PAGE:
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Addressing the Opioid Epidemic: A Review of the Role of Plastic Surgery

Wang, Annie M. Q., B.Sc.; Retrouvey, Helene, M.D.C.M.; Wanzel, Kyle R., M.D., M.Ed.

Plastic and Reconstructive Surgery: May 2018 - Volume 141 - Issue 5 - p 1295-1301
doi: 10.1097/PRS.0000000000004332
Plastic Surgery Focus: Special Topics
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Summary: The opioid epidemic has been a growing public health threat in the United States and Canada for the past 30 years, with alarming and steadily increasing opioid-related mortality rates. Originating with well-intentioned efforts by physicians to relieve pain and suffering in their patients, the source of the opioid epidemic and much of its ammunition continues to be the sales of legally produced pharmaceutical opioids. Although surgeons are increasingly recognizing the important role they can play in mitigating this crisis, the recognition and evaluation of the opioid epidemic in plastic surgery has been lacking. The authors identified several aspects of plastic surgery that make judicious prescription of opioids in this field uniquely complex, including high variability of cases managed, large volume of ambulatory procedures, and frequent involvement in collaborative care with other surgical specialties. Additional research in plastic surgery is needed to both increase current knowledge of opioid prescribing practices and provide evidence for recommendations that can successfully combat the opioid epidemic.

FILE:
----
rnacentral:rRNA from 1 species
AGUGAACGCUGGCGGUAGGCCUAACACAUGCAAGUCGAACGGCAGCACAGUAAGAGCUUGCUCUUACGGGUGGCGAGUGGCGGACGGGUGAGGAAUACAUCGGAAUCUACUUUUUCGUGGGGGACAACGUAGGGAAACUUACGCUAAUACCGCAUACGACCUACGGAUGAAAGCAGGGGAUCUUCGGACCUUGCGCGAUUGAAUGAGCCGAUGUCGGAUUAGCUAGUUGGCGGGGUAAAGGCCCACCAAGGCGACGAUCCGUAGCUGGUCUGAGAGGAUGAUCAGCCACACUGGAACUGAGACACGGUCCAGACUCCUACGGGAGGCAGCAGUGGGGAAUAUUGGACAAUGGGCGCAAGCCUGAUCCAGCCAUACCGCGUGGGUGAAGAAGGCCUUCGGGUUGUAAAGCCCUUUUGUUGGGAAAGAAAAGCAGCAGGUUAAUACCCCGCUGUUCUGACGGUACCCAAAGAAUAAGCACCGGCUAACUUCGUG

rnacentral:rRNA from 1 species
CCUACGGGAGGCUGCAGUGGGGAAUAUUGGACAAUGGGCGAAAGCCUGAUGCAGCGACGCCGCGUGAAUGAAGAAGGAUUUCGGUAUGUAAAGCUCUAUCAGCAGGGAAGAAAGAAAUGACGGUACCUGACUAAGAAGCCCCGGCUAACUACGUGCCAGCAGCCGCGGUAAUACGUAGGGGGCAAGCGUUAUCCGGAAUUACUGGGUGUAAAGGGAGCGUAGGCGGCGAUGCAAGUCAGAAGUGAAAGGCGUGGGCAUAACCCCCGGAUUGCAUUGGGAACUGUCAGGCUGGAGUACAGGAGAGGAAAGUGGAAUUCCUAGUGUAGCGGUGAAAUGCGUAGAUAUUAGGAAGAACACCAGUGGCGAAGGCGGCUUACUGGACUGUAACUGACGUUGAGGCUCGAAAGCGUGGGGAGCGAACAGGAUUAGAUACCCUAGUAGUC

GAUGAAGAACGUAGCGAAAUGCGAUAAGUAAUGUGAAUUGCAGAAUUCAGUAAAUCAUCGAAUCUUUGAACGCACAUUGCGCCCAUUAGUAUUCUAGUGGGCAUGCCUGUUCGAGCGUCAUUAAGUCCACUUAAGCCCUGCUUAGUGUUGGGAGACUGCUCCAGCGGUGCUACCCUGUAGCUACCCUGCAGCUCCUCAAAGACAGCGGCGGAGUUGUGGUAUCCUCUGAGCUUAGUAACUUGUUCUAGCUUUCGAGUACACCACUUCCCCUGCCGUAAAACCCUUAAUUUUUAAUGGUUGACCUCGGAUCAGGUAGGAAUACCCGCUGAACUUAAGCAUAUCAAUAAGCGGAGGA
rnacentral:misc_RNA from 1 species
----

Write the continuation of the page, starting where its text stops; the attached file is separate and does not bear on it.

Toronto, Ontario, Canada

From the Faculty of Medicine and the Division of Plastic and Reconstructive Surgery, University of Toronto; and St. Joseph’s Health Centre, Toronto, Ontario, Canada.

Received for publication September 6, 2017; accepted December 1, 2017.

Disclosure:The authors have no financial interest to declare in relation to the content of this article. No funding was received for this article.

By reading this article, you are entitled to claim one (1) hour of Category 2 Patient Safety Credit. ASPS members can claim this credit by logging in to PlasticSurgery.org Dashboard, clicking “Submit CME,” and completing the form.

A “Hot Topic Video“ by Editor-in-Chief Rod J. Rohrich, M.D., accompanies this article. Go to PRSJournal.com and click on “Plastic Surgery Hot Topics” in the “Digital Media” tab to watch. On the iPad, tap on the Hot Topics icon.

Kyle R. Wanzel, M.D., M.Ed., St. Joseph’s Health Centre, 30 Queensway, Toronto, Ontario M6R 1B5, Canada, kwanzel@stjoestoronto.ca

Copyright © 2018 by the American Society of Plastic Surgeons